dc.identifier.citationWong, M. F. [黃美雲]. (2013). Financial burden for HIV/AIDS patients to access antiretroviral therapy in Asian developing countries. (Thesis). University of Hong Kong, Pokfulam, Hong Kong SAR. Retrieved from http://dx.doi.org/10.5353/th_b5098922-
dc.identifier.urihttp://hdl.handle.net/10722/193826-
dc.description.abstractBackground: Since the beginning of 21st century, several Asian countries started implementing their national free antiretroviral therapy (ART) programs to tackle one of the most striking public health issues in Asia – HIV/AIDS. Despite the efforts being made, the treatment coverage remains as low as 44% in 2010. Previous studies have identified financial constraint is a major barrier in accessing ART and an important reason of poor ART adherence in Asia. The purpose of this literature review is to explore the extent of financial burden experienced by people living with HIV (PLHIV) where free ART policy is implemented, and to provide valuable information for policy-making in reducing financial barriers and improve uptake of ART. Methods: Literature search was performed by entering keywords in PubMed and Medline. Articles were screened and selected for in-depth review according to the inclusion and exclusion criteria. A process on data synthesis was performed on the final eligible papers. Results: Five studies from four Asian countries describing the out-of-pocket health expenditure incurred by PLHIV during the delivery of ART were included in this review. Findings: Out of all direct medical costs, the cost of drug was most important in contributing to the total costs for patients without health insurance, while the cost of transportation was more important for patients covered by health insurance. Direct medical costs increased with advancing stage of disease. Rural patients would have spent up to 1,173% of their monthly income per capita, or more than 100% of their total household expenditure even when ART was provided free-of-charge. Patients have also highlighted free ARV drugs were sometimes not available in the health facility and they had to turn to the private market. Hence, the extent of financial burden in this review might be underestimated. Conclusion: Based on the data available, we concluded that increased accessibility of free ART should be accompanied with sustained ARV drugs supply and increased financial support for PLHIV.-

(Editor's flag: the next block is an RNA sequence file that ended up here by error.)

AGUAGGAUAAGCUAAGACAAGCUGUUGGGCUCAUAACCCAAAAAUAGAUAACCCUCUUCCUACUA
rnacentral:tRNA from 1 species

dc.languageeng-
dc.publisherThe University of Hong Kong (Pokfulam, Hong Kong)-
dc.relation.ispartofHKU Theses Online (HKUTO)-
dc.rightsCreative Commons: Attribution 3.0 Hong Kong License-
dc.rightsThe author retains all proprietary rights, (such as patent rights) and the right to use in future works.-
dc.subject.lcshAIDS (Disease) - Treatment - Asia-
dc.subject.lcshHighly active antiretroviral therapy-
dc.subject.lcshHIV infections - Treatment - Asia-
dc.titleFinancial burden for HIV/AIDS patients to access antiretroviral therapy in Asian developing countries-
dc.typePG_Thesis-
dc.identifier.hkulb5098922-
dc.description.thesisnameMaster of Public Health-
dc.description.thesislevelMaster-
dc.description.thesisdisciplineCommunity Medicine-
dc.description.naturepublished_or_final_version-
dc.identifier.doi10.5353/th_b5098922-
dc.date.hkucongregation2013-

Export via OAI-PMH Interface in XML Formats


OR


Export to Other Non-XML Formats